It might be pretty basic of me, but I have trouble saying some slurs out loud. I mean, what did one of those lists say? That the basic bitch has trouble saying racial slurs? What the hell? Yeah, I do. I can type them but I don’t say them. I say, asshole. I say bitch. I don’t say Cunt. Kike. Wetback.

I’ve been called trash, and bitch, and cunt. And maybe – it was trash, a word that we might not think of as being so bad – maybe that was the one that made me feel most worthless.

Lenny Bruce pointed out that in not saying words, we give them power. Maybe so. But maybe in saying them, we feed that power too. Maybe words, after centuries of use and abuse, can’t be separated entirely from history. They can’t be erased, and yet they must be acknowledged. In the face of some of those words, the Basic Bitch is really very basic.

I’ll end with this, since I am reading into my personal experience with slurs here.

I’m about thirteen, and my father has driven us to see his family. I don’t want to go. I’ve been raised hearing about how awful they are, and yet we keep going back to them. Ostensibly, this time, are going on a camping trip. We aren’t going to see them, although we are going to a place near where they live.

I haven’t told my mother everything, but I’ve told her my uncle makes me uncomfortable.

We stay in a motel, and after breakfast, my father says we are going. I don’t have to go, I can stay in the motel. But I don’t want to stay there by myself. There isn’t even a television, I have nothing to read, and I feel sick. I feel like I’m going to vomit. And then I do.

I vomit all morning, but they take me, because I decide I will go. I go to a room, away, hoping we will leave soon. But we don’t. And my poor, disturbed uncle – I have my eyes closed and I feel a soft butterfly kiss on my forehead. It’s the kind of kiss my mother gives me when I’m feverish, so I probably smile a little, but when I open my eyes, it’s him. He passes his hand lightly over my body, grazing it all from top to bottom and he says, “Let me look at your figure.”

He looks down at me for a moment. “It’s nice. But you better watch out. You have a nigger body.” Wet lips. There is nobody else in the room.

Those words, and his eyes gone flat – they looked at me like I was nothing. They brought me down low. Once he said that to me, I was nothing to him. I was thirteen, I didn’t know much, but the word, and the way it came out of his mouth when he looked down at my breasts – I felt its power. And I’m a white girl, I can’t claim to know what it feels like to have that word aimed at me again and again.

Years and years ago, when I was young and sitting in one of my first writing workshops, and my past kept surfacing in my fiction, I wrote about getting hurt, but the girls in my stories who were hurt – they didn’t fight back. They were too kind. Unlike me, they didn’t smash dishes, or scream, or call their fathers Fat Fuck. I thought this made them gentle, I thought it made them pure. They didn’t understand what was happening to them.

A boy in my workshop said to me, “You keep writing about the victims, but I think you should explore the far more difficult task of seeing things from the perpetrator’s point of view. What makes him do what he does?”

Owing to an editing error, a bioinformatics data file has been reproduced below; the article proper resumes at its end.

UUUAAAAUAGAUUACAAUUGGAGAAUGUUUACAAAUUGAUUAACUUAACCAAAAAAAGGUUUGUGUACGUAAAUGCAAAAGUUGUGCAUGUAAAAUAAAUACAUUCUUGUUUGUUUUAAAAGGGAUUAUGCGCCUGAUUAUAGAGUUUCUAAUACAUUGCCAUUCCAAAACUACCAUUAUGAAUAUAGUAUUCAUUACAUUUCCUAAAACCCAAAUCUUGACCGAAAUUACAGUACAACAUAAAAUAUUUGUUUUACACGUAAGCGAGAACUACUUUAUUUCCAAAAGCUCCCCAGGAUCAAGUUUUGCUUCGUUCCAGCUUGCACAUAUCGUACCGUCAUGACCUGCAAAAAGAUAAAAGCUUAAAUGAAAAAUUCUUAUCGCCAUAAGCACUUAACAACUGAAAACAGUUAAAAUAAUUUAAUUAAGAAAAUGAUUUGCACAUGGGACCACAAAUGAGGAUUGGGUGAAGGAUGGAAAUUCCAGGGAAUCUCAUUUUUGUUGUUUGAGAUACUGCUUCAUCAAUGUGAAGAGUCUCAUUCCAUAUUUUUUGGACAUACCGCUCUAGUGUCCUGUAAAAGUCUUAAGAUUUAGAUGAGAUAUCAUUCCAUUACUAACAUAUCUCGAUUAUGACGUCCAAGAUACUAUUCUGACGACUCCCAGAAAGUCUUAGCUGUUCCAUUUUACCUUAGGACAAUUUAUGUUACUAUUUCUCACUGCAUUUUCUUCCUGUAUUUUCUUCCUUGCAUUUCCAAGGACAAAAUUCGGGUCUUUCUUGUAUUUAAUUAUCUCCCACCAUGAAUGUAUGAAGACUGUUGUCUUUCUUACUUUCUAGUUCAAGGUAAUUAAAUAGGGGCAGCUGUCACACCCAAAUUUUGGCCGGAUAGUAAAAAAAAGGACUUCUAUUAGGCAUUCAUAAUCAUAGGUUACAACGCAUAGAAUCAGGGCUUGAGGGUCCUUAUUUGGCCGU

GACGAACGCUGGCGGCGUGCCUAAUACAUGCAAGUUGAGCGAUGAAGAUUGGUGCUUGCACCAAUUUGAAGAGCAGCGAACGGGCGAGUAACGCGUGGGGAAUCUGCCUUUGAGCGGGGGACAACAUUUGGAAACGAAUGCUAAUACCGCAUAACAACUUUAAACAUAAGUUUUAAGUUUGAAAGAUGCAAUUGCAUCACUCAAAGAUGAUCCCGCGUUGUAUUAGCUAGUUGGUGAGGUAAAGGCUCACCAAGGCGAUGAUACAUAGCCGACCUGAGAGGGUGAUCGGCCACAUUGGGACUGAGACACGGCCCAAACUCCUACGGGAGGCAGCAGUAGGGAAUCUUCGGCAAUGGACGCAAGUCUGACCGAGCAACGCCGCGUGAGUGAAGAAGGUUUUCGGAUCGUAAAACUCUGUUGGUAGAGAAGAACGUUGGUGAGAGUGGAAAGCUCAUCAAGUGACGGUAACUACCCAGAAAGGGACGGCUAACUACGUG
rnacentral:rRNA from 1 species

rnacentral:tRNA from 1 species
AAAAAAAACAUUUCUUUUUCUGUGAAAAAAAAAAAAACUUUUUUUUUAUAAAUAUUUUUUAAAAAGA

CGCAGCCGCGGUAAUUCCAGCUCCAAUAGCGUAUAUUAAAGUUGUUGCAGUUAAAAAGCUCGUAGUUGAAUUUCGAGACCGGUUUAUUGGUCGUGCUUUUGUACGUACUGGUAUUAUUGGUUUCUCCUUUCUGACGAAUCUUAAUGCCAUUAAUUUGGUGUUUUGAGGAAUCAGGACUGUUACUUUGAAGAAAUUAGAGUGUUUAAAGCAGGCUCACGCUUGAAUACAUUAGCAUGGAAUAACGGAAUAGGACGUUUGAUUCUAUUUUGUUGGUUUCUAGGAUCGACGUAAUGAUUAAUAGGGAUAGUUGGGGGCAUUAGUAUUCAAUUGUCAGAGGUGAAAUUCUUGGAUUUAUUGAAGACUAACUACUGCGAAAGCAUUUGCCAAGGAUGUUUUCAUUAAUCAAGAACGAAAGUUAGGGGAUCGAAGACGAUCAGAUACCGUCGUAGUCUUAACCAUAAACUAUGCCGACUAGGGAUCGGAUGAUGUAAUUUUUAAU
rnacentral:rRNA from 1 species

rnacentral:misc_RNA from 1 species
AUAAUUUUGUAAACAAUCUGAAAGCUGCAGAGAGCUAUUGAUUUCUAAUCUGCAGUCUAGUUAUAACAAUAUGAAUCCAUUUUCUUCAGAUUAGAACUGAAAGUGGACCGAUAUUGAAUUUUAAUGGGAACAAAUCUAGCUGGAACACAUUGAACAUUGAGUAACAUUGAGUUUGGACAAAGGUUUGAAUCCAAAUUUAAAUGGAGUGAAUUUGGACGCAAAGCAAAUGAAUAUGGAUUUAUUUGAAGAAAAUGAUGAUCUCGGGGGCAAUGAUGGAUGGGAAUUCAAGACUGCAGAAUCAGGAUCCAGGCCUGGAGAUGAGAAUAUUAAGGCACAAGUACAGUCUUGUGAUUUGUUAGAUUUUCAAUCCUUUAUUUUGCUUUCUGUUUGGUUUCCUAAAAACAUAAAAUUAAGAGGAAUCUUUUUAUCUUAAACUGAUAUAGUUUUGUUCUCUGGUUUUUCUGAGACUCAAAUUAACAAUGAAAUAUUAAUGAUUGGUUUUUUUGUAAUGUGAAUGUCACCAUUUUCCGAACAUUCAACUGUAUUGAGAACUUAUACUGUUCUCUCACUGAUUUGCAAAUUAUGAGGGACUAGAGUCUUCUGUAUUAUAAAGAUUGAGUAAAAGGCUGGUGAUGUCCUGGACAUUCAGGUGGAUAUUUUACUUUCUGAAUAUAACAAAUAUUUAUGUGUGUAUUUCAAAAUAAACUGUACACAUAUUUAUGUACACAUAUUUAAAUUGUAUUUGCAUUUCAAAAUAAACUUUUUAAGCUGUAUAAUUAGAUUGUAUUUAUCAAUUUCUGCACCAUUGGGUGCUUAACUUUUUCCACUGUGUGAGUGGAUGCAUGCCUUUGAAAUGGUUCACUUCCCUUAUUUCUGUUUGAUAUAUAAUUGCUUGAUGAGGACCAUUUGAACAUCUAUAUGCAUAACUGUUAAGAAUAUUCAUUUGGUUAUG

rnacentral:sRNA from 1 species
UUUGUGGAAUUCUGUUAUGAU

Is it easier? Who wants to be a victim? I can write about him, the rapist, the abuser. But is it harder to write about him? More challenging?

So I try to write about her. All I have to do is imagine her, a little golden necklace with her name around her neck, casually doing all the things she has done, without a care in the world. That bitch. It isn’t hard to summon hate for her.   Of course she doesn’t exist, no more than the stupid hapless sweet victims I used to write about, drawn from my idea of the fairytale heroine I loved in the old Grimm’s books I read at my grandparents’ house as a child.

What is hard is writing for the one who has been called bitch, trash, the woman who loved the man who wrapped his hands around her skinny neck and looked right through her. The man who said the next day over cornflakes that he was sorry, and that he wouldn’t do it again. What is hard is knowing she grew up to lie, to cheat, to be, sometimes, the things he said she was. What is hard is writing about her, and trying to understand why, after years of growing and reading Facebook memes about empowerment and dreaming over pictures of what it is she hopes or hoped she might have had, she still can look at herself in the mirror and see how she can pass for that woman, that spoiled bitch. All it would take would be to put on a veneer, go on a cleanse, lose twenty pounds, gain fifty thousand a year, and I’d be there.

What is hard is looking at my beautiful daughter and knowing there are things I can’t change. Because even with a father who loves her, who would never hit her, even if I can teach her that no woman is a racial slur or a cunt, someone someday might call her names far worse than Basic. And I don’t want that for her.

No put-downs like Basic Bitch. They can’t compare.

Claudia Smith is the author of the short story collection Quarry Light (Magic Helicopter Press) and the flash fiction collections The Sky is a Well (Rose Metal Press) and Put Your Head in My Lap (Future Tense Books). She lives in Houston, Texas, where she works as a lecturer for the English department at the University of Houston-Downtown.